That agreement was the Nazi-Soviet Nonaggres­sion Pact drafted late on this date, August 23, 1939, by the countries’ foreign ministers and signed in the early hours of the 24th. The 10‑year pact assured that the two rivals would hence­forth “desist from any act of vio­lence, any aggres­sive action, and any attack on each other.” In truth, though, the short, seven-article non­aggres­sion pact was window dressing for a secret proto­col to rearrange the “terri­torial and polit­i­cal” integ­rity of states lying between them, from Fin­land in the north, through the Baltic states (Estonia, Latvia, Lithu­ania) and Poland, to Romania in the south (see map below). The pact removed a night­mare shared by Hitler and the opera­tions staff of his Wehr­macht (armed forces). Hitler could swoop down on Poland as he’d long intended absent now the threat of Soviet push­back, and Stalin was liber­ated by the demise of the Anti-Comin­tern Pact, which both their foreign ministers had eviscerated by initialing the secret protocol.

Poland was doomed, notwithstanding an Anglo-Polish mili­tary pact—the Agree­ment of Mutual Assis­tance between the United King­dom and Poland—entered into on August 26, 1939. The mutual assis­tance agree­ment was a British pledge to pro­vide mili­tary aid to Poland were it attacked by Germany. The Nazi-Soviet and Anglo-Polish pacts, signed within days of each other, predict­ably set in motion the engines of a Euro­pean war, which started on Septem­ber 1, 1939, when Germany invaded Poland from the east, and on Septem­ber 17, when the Soviet Union invaded Poland from the west.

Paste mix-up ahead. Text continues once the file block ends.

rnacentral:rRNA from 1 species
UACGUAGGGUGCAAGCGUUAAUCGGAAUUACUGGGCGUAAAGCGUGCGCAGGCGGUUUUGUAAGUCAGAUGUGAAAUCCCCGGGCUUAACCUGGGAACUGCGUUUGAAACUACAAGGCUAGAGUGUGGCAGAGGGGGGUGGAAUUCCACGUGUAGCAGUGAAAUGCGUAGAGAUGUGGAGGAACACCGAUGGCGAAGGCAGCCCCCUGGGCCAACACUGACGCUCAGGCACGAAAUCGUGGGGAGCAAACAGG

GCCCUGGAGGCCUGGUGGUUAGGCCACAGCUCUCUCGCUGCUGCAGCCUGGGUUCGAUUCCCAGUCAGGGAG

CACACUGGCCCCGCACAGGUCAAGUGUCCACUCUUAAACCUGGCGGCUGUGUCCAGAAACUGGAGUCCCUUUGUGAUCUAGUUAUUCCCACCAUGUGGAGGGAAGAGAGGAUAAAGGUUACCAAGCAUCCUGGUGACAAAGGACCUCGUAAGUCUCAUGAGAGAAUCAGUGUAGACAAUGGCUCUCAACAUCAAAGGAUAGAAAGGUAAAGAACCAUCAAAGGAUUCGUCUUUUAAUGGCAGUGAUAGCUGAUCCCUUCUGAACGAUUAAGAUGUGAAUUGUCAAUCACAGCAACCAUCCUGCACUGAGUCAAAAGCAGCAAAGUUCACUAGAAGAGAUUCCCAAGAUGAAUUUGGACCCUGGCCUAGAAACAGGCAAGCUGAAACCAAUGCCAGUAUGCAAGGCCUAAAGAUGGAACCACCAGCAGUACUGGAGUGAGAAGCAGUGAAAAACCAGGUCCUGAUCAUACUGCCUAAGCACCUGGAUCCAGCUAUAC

Acclaimed British historian Roger Moorhouse recounts the events that not only led up the nefarious 1939 Molotov-Ribben­trop Non­aggres­sion Pact, which divided Poland and other East Euro­pean states between the Soviet Union and Nazi Germany, but took on a curious after­life in The Devils’ Alliance: Hitler’s Pact with Stalin. Though it lasted less than two years, the “pact from hell” is rich in ironies, as Moor­house’s authori­ta­tive account explains. The duplic­i­tous Hitler, after part­nering with Soviet despot Joseph Stalin in creating, then occupying their respec­tive “spheres of interest” in 1939 and 1940, changed his pre­da­tor’s spots to ambush, in cold blood, the Soviet Union in 1941. Oper­a­tion Bar­ba­rossa had the nasty mis­for­tune of dooming Hitler’s adven­turism in Central and Eastern Europe and has­tening the sorry end of his diabol­ical regime. And 50 years after their repres­sion and enslave­ment by Stalin’s Red Army, Poles, Esto­nians, Lat­vians, and Lithu­anians suc­ceeded in finally liber­ating them­selves by bringing down the Com­munist Iron Curtain and accel­erating the demise of their tor­mentor’s regime.—Norm Haskett